# Show that $\nabla(fg)=f\nabla g+g\nabla f$ [closed]

This looks very much like the product rule to me. However, is this technically a valid answer to the question? How is it best answered?

• If everything else fails, write each side out in coordinates, and use the plain old product rule for each component separately. Commented Feb 3, 2015 at 13:58
• You can find a proof everywhere, and I'm sure that this had been asked here before
– user207710
Commented Feb 3, 2015 at 14:00

It's definitely the product rule here. Since $\nabla = \left<\partial/\partial x,\ \ \partial/\partial y,\ \ \partial/\partial z\right>$,
\begin{align} \nabla(fg) &= \left<\frac{\partial}{\partial x} fg,\ \ \frac{\partial}{\partial y}fg,\ \ \frac{\partial}{\partial z}fg\right>&\mathrm{(Definition)}\\ &=\left<g\frac{\partial}{\partial x} f + f\frac{\partial}{\partial x} g,\ \ g\frac{\partial}{\partial y} f + f\frac{\partial}{\partial y} g,\ \ g\frac{\partial}{\partial z} f + f\frac{\partial}{\partial z} g\right> & \mathrm{(Product\ Rule)}\\ &= g \left<\frac{\partial}{\partial x} f,\ \ \frac{\partial}{\partial y}f,\ \ \frac{\partial}{\partial z}f\right> + f \left<\frac{\partial}{\partial x} g,\ \ \frac{\partial}{\partial y}g,\ \ \frac{\partial}{\partial z}g\right>&\mathrm{(Grouping)}\\ &=g\nabla{}f + f\nabla{}g &\mathrm{(Definition)} \end{align}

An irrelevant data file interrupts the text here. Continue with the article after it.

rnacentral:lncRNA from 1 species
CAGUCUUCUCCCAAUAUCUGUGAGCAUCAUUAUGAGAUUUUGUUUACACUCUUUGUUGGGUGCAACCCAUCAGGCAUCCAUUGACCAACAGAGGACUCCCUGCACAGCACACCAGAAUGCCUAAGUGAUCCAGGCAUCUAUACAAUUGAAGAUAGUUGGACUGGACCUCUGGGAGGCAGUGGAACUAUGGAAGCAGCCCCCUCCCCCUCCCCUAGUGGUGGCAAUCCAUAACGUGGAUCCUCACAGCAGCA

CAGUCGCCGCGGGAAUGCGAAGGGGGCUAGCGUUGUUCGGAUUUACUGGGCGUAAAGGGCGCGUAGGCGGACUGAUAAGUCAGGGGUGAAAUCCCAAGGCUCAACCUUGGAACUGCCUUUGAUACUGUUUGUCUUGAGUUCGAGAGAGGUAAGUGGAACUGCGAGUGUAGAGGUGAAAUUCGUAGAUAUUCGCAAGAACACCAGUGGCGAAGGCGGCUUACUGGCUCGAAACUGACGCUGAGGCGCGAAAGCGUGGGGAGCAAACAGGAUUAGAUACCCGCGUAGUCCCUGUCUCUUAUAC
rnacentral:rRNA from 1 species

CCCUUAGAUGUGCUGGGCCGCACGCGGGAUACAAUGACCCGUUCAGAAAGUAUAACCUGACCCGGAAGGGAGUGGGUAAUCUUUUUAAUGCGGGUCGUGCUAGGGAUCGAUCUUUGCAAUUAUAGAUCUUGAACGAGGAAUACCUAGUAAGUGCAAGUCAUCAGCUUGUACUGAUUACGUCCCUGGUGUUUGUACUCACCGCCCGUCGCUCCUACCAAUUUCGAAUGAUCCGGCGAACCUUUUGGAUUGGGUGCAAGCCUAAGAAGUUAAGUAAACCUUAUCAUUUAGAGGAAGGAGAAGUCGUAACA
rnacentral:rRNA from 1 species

So to answer your question, this is a direct result of the product rule. As for "product rule" being a valid answer to the question, it depends on the context. While that answer would be correct, it definitely doesn't hurt to mathematically show why it's correct. And the best way to do that is break the $\nabla$ operator into it's components.